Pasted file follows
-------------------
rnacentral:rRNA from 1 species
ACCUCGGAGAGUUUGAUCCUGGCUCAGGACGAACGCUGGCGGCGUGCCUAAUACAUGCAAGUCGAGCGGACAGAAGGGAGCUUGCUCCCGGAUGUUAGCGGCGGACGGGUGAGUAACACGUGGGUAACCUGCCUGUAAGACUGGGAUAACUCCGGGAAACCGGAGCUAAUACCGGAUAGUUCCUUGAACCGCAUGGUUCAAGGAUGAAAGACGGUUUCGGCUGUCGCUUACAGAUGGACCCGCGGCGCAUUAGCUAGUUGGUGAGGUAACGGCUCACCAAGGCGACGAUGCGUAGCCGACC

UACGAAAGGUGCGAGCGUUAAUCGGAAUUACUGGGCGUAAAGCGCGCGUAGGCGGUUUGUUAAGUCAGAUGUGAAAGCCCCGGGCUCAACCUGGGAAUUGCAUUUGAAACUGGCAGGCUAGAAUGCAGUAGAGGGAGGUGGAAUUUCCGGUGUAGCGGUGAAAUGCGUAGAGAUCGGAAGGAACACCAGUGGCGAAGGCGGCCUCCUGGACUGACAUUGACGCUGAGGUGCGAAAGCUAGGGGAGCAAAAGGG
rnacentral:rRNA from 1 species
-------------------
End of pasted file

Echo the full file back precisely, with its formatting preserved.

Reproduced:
rnacentral:rRNA from 1 species
ACCUCGGAGAGUUUGAUCCUGGCUCAGGACGAACGCUGGCGGCGUGCCUAAUACAUGCAAGUCGAGCGGACAGAAGGGAGCUUGCUCCCGGAUGUUAGCGGCGGACGGGUGAGUAACACGUGGGUAACCUGCCUGUAAGACUGGGAUAACUCCGGGAAACCGGAGCUAAUACCGGAUAGUUCCUUGAACCGCAUGGUUCAAGGAUGAAAGACGGUUUCGGCUGUCGCUUACAGAUGGACCCGCGGCGCAUUAGCUAGUUGGUGAGGUAACGGCUCACCAAGGCGACGAUGCGUAGCCGACC

UACGAAAGGUGCGAGCGUUAAUCGGAAUUACUGGGCGUAAAGCGCGCGUAGGCGGUUUGUUAAGUCAGAUGUGAAAGCCCCGGGCUCAACCUGGGAAUUGCAUUUGAAACUGGCAGGCUAGAAUGCAGUAGAGGGAGGUGGAAUUUCCGGUGUAGCGGUGAAAUGCGUAGAGAUCGGAAGGAACACCAGUGGCGAAGGCGGCCUCCUGGACUGACAUUGACGCUGAGGUGCGAAAGCUAGGGGAGCAAAAGGG
rnacentral:rRNA from 1 species